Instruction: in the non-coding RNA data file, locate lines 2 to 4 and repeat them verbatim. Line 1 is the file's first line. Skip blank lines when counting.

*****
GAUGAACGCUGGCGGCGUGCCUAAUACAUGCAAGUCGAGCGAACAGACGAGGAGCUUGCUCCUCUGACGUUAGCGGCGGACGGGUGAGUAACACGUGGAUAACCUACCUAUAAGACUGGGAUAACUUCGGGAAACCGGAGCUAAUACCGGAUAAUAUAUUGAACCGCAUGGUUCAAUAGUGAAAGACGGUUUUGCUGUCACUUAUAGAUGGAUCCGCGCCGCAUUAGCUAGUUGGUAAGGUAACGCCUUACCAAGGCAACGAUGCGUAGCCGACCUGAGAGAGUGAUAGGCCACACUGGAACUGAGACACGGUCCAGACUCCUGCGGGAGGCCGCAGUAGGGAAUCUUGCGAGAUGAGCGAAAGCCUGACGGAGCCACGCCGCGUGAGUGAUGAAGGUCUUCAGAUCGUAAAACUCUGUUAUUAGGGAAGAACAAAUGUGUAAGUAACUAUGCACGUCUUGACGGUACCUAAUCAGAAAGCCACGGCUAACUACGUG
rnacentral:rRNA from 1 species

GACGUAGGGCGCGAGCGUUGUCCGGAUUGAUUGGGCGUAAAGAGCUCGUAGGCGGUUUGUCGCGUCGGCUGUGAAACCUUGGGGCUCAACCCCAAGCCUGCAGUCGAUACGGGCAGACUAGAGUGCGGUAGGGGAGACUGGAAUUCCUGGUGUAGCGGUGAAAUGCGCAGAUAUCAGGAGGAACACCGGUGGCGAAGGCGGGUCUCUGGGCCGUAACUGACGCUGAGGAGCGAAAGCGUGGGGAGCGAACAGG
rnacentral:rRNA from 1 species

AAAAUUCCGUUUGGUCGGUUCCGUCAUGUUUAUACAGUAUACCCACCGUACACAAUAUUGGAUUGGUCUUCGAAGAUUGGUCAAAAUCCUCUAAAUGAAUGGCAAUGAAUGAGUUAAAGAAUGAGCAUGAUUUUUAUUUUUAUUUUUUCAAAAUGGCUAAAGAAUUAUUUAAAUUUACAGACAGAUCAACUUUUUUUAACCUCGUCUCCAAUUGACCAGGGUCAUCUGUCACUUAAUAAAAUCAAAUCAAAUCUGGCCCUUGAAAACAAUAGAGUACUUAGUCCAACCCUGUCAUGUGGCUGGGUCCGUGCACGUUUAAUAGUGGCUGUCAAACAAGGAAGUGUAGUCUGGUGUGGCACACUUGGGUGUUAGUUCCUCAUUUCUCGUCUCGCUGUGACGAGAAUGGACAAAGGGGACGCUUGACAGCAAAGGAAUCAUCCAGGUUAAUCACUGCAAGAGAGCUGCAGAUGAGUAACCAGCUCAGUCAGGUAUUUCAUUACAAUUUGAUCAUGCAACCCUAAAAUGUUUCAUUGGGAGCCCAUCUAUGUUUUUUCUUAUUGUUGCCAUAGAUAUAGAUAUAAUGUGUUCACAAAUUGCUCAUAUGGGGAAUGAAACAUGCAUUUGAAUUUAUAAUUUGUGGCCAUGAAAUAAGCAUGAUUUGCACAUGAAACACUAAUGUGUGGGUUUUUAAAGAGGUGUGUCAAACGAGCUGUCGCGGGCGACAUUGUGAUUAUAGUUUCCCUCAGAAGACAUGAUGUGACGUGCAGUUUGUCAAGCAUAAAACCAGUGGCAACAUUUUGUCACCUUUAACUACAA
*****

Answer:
rnacentral:rRNA from 1 species

GACGUAGGGCGCGAGCGUUGUCCGGAUUGAUUGGGCGUAAAGAGCUCGUAGGCGGUUUGUCGCGUCGGCUGUGAAACCUUGGGGCUCAACCCCAAGCCUGCAGUCGAUACGGGCAGACUAGAGUGCGGUAGGGGAGACUGGAAUUCCUGGUGUAGCGGUGAAAUGCGCAGAUAUCAGGAGGAACACCGGUGGCGAAGGCGGGUCUCUGGGCCGUAACUGACGCUGAGGAGCGAAAGCGUGGGGAGCGAACAGG
rnacentral:rRNA from 1 species